Provide a variety of realworld applications for multistep inequalities. For example:
 In a business context, the teacher can explain that multistep inequalities can be used to model the profit or loss of a company, taking into account different factors such as costs, sales, and taxes.
 In a personal finance context, the teacher can discuss how multistep inequalities can be used to set budgets, plan savings, or determine loan payments.
 In a sports context, the teacher can explain how multistep inequalities can be used to determine the number of games a team must win to make the playoffs, considering the number of games remaining and the records of the other teams. (34 minutes)

Conclude the development stage by encouraging students to ask questions and engage in a brief discussion about the topic. The teacher will summarize the main points of the lesson and remind students of the steps to follow in order to solve multistep inequalities. (23 minutes)
Feedback (5  7 minutes)
The teacher will:

Begin the feedback stage by assessing what was learned during the lesson. The teacher will ask a few students to summarize the main points of the lesson and explain in their own words how to solve multistep inequalities. This step allows the teacher to gauge the students' understanding and address any misconceptions. (23 minutes)

Encourage the students to reflect on the realworld applications of multistep inequalities discussed during the lesson. The teacher can ask the students to think about how they might use these concepts in their daily lives, such as in budgeting, shopping, or planning for a trip. This step is crucial in helping students to see the relevance of the topic and its applicability beyond the classroom. (12 minutes)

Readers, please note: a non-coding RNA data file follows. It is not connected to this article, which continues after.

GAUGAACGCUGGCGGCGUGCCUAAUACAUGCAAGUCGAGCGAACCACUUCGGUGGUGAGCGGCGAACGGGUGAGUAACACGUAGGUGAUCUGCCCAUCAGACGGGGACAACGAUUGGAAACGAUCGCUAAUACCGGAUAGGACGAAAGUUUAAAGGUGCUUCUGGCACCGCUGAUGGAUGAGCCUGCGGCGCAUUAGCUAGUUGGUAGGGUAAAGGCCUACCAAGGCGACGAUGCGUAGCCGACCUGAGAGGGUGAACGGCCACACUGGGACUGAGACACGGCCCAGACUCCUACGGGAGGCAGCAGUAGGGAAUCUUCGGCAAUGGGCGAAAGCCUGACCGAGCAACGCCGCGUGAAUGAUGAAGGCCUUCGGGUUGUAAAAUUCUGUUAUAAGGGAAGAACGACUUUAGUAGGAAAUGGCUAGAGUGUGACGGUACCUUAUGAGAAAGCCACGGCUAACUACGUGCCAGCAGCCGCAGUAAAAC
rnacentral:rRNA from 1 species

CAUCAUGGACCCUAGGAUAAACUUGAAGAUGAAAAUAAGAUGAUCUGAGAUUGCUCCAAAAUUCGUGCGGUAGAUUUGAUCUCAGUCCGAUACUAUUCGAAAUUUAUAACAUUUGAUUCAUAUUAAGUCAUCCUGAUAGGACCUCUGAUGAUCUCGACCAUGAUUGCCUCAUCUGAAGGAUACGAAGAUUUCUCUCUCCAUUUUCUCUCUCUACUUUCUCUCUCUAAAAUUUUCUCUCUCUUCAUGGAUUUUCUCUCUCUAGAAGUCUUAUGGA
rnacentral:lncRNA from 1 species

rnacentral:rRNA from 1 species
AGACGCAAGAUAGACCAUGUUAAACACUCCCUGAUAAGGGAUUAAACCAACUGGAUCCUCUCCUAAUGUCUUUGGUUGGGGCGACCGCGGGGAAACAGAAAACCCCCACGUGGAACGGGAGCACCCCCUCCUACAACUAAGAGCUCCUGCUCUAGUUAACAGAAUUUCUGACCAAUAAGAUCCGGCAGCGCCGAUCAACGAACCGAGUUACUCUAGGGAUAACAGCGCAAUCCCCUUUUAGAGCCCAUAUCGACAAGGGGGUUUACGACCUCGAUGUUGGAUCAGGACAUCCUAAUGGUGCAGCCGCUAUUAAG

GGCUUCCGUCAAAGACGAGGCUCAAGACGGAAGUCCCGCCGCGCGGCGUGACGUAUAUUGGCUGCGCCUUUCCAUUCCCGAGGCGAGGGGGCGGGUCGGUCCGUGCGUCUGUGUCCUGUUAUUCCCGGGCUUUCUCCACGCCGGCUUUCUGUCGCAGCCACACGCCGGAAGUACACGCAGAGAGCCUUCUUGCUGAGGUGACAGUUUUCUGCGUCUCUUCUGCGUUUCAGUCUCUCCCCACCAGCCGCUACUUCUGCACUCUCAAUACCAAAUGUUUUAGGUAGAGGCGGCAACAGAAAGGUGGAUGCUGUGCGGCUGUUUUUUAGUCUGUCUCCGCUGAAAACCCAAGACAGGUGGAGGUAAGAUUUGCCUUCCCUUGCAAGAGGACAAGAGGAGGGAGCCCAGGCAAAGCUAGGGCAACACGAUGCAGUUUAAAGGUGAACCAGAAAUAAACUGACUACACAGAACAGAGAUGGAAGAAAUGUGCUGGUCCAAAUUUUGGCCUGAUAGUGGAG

Propose a quick problemsolving activity to allow the students to apply what they have learned. The teacher can write a multistep inequality on the board and ask the students to solve it individually. For instance, the teacher can write "2x + 3 > 7  x" and ask the students to solve for x. The teacher will then ask a few students to share their solutions and explain their thought process. This activity helps to reinforce the learning objectives and gives the teacher an opportunity to provide immediate feedback on the students' work. (23 minutes)